It is estimated that more than 5,000 dog bites are reported each year in Ontario and that in Canada, 42 dog bites occur every hour.
Additionally, data collected in a study between 1990 and 2007 published in The Canadian Veterinary Journal identified 28 fatalities from dog bite injuries. On average about 1-2 deaths can be attributed to dog attacks. The same study also had the following results:
- 24 victims of fatal attacks were under 12 years of age
- 17 victims were male
- In 22 of the incidents the victims were alone with the dog at the place and time of the attack
- Sled dogs, huskies, and rottweilers were the caused the largest number of fatalities
The report didn't specific if any pit bulls were associated with the fatal incidents, however, the city of Toronto has indicated that since a ban on pit bulls took effect in 2005 the number of dog bites has fallen. In 2010 there were 379 dog bites reported, a 28.2 percent drop since 2005. The number of dog bites since 2002 in Toronto has dropped in nearly half while the number of bites related to pit bulls has dropped by more than 92 percent.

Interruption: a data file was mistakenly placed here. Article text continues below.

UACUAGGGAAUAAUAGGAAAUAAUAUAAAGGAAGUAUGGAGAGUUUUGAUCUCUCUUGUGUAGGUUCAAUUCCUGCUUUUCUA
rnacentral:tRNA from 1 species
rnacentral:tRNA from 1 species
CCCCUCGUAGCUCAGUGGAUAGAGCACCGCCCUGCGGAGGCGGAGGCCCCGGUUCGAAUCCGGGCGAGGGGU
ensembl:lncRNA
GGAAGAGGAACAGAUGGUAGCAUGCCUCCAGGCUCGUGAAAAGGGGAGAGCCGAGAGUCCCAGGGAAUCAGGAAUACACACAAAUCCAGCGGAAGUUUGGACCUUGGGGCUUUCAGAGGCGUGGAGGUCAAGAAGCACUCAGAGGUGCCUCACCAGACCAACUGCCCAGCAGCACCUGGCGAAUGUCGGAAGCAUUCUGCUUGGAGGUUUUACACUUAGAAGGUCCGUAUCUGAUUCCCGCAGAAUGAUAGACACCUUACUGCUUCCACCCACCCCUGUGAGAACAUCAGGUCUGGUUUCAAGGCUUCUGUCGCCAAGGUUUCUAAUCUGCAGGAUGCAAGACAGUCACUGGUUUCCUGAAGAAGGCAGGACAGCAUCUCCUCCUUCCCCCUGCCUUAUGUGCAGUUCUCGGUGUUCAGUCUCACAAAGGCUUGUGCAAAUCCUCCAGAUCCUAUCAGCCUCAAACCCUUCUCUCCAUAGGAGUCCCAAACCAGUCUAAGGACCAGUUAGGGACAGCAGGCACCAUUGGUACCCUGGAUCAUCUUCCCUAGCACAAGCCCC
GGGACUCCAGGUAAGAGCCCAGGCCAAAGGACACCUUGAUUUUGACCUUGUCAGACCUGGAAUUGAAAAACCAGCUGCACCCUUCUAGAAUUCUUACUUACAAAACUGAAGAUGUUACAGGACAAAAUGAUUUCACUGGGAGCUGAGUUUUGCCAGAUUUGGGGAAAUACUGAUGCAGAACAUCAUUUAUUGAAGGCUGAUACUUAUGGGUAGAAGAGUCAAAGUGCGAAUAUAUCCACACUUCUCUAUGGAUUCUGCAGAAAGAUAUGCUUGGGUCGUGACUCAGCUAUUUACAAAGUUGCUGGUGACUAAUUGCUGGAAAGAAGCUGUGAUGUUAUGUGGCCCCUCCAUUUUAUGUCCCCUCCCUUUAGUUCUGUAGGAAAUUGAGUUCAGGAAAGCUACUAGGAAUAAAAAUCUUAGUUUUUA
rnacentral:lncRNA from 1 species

Since 1990 the Dog Owners Liability Act has held dog owners strictly responsible for damages caused by a dog attack. The only exception to the liability act is in a situation where someone is bitten or attacked on the owners premises while in the act of, or with the intention of committing a crime (such as a burglary).
If you have been bitten by a dog, seek medical attention right away. If possible obtain the dog owners name and address; contact local animal control to report the incident. Victims of dog bites may be compensated by the dog owner. Victims should be aware however the limitation period to seep compensation is two years from the date of the dog bite incident.